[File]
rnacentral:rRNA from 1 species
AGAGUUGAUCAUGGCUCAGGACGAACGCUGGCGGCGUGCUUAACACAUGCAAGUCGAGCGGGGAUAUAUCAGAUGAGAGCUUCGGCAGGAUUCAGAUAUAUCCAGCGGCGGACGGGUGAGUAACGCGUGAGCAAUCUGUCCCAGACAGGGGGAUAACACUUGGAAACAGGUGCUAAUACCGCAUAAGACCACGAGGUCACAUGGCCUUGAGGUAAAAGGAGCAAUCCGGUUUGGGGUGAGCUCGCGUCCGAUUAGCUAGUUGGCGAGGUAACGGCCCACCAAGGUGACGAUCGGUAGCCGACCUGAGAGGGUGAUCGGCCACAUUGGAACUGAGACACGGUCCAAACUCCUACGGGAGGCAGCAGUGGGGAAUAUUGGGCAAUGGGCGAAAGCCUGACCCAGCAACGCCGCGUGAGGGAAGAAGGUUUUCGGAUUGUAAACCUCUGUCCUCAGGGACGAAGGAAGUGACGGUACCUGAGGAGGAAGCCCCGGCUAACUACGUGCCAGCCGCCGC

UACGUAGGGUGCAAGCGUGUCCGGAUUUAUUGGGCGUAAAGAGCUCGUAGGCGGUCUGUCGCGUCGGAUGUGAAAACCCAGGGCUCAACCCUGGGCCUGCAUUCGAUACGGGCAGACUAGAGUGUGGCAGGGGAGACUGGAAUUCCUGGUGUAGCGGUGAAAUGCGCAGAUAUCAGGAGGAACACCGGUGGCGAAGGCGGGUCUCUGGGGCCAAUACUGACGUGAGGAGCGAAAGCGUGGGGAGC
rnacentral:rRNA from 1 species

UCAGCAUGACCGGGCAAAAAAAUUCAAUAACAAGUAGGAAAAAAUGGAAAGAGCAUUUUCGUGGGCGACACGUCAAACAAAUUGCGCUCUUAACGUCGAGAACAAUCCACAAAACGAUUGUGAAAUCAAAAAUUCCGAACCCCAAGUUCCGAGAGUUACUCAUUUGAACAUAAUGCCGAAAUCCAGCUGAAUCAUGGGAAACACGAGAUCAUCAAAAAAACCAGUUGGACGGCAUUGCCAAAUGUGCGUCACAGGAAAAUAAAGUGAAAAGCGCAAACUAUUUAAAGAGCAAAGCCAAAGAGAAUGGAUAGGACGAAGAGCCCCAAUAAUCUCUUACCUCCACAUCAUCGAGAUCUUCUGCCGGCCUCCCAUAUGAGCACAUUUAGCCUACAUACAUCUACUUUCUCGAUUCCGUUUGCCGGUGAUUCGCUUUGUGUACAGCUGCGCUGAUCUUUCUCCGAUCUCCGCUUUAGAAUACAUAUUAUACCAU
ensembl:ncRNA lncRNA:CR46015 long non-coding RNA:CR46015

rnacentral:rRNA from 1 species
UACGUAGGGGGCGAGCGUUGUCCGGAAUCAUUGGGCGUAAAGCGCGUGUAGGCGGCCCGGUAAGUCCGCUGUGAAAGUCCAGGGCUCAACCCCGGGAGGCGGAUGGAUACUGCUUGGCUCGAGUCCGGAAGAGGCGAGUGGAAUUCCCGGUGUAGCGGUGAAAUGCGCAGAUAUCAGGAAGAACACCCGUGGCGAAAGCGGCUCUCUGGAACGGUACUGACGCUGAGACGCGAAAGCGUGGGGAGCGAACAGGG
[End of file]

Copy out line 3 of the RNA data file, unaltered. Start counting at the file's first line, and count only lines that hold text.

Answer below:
UACGUAGGGUGCAAGCGUGUCCGGAUUUAUUGGGCGUAAAGAGCUCGUAGGCGGUCUGUCGCGUCGGAUGUGAAAACCCAGGGCUCAACCCUGGGCCUGCAUUCGAUACGGGCAGACUAGAGUGUGGCAGGGGAGACUGGAAUUCCUGGUGUAGCGGUGAAAUGCGCAGAUAUCAGGAGGAACACCGGUGGCGAAGGCGGGUCUCUGGGGCCAAUACUGACGUGAGGAGCGAAAGCGUGGGGAGC